Covered with Hog Peanut

Earlier this summer we found our creek bottom field absolutely covered in a vining, twining, sprawling leafy plant. The first horrible thought was Kudzu, that invasive nightmare of the southeast. But it didn’t look exactly like the pictures. So we sent a photo to Tim Smith, former botanist and now the Ombudsman for the Mo. Dept. of Conservation. He reassured us that this was no horror story, but instead hog peanut—a plant that’s just thriving in this unusually wet year.
Here’s what Tim told us. “That’s a native vine called hog peanut (Amphicarpaea bracteata). It can become a ground cover in moist valleys but it’s a native part of the ecosystem and has some wildlife value. No need to fight it. Kudzu is much larger-leaved, longer hair and a coarser plant overall. Here’s a link to more information on the hog peanut. The reference is mistaken in citing it as native to tropical America.”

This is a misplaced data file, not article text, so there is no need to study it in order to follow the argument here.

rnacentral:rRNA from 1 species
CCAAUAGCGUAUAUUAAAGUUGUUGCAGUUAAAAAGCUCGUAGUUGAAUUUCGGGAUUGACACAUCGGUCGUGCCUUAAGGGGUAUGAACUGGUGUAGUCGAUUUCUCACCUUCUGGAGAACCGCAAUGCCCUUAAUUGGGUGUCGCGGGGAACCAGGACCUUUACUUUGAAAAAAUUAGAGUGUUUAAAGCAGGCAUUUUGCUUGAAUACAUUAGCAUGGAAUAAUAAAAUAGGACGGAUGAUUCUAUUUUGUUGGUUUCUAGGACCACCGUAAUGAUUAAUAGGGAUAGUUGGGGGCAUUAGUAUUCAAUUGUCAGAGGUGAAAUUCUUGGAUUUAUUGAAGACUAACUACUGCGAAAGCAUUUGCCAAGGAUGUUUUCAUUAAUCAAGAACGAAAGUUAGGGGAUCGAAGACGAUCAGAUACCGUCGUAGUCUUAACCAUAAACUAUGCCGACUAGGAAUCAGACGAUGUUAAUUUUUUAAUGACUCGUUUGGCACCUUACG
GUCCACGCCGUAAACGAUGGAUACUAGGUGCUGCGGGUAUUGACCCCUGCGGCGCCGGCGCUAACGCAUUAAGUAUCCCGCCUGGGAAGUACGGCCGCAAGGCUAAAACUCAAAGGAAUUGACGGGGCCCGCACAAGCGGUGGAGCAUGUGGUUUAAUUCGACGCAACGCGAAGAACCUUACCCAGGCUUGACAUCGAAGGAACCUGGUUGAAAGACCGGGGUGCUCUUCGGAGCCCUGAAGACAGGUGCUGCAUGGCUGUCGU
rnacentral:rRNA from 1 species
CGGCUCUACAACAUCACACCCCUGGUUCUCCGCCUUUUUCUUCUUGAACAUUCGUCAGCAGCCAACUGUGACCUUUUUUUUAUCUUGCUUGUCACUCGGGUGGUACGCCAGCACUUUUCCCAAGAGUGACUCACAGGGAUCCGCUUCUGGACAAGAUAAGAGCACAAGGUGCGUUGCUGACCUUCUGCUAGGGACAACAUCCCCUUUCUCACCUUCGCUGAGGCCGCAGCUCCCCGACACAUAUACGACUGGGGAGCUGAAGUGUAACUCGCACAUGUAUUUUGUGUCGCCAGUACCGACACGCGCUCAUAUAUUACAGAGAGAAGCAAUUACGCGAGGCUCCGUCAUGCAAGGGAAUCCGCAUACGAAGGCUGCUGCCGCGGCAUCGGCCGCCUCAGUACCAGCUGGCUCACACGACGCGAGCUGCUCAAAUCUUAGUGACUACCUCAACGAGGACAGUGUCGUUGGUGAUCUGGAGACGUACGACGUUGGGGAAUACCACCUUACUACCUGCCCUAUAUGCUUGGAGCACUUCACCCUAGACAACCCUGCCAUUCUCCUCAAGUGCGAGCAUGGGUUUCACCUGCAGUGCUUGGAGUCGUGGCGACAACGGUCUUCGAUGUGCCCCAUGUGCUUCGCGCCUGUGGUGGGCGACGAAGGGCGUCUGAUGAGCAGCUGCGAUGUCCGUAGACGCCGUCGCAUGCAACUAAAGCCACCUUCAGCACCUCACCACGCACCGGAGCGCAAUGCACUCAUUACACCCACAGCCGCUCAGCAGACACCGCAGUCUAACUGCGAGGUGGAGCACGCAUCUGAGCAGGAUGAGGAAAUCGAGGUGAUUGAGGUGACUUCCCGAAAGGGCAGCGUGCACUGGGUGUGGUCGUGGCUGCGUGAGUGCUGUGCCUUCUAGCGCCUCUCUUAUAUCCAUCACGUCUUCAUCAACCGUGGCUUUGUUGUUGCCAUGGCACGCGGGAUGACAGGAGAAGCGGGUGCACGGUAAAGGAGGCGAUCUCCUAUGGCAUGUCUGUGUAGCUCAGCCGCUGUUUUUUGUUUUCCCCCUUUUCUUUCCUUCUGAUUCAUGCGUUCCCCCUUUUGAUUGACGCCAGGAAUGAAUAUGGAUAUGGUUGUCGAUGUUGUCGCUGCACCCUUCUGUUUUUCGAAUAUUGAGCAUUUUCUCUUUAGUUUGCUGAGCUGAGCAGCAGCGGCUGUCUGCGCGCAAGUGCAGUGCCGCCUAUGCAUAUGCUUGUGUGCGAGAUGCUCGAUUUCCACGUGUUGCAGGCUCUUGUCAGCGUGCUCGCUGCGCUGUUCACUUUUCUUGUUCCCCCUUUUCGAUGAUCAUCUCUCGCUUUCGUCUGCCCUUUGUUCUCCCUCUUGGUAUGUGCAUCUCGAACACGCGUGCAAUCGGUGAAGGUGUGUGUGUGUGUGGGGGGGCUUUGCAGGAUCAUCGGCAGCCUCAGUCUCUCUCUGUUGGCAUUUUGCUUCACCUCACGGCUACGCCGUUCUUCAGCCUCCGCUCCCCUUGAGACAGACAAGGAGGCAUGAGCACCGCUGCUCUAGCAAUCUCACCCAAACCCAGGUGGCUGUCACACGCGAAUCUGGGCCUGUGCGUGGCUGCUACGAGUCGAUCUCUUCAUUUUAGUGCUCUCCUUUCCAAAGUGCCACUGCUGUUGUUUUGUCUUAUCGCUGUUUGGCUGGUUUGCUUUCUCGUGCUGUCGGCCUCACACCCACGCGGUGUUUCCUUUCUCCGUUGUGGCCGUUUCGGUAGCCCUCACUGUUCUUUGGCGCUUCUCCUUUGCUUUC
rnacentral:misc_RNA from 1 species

It’s flowering now so Henry just took a photo as we came up the trail from a picnic lunch in the woods nearby.

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About Lorna Domke

Since 1981, I've lived on the land that surrounds, and will eventually be integrated into, the Prairie Garden Trust with my husband, Henry. Our long-term goal is to build on what Henry's parents began and create a nature garden of sorts for others to enjoy. Over the years I've planted prairie, mowed trails, created a website and done whatever I could to enhance what's here. For a few years I served on the board of the Missouri Prairie Foundation. Since I retired from my role as Outreach & Education Division Chief at the Missouri Dept. of Conservation in 2010, I've started to put more time into the PGT. The PGT Nature Garden blog is one result.
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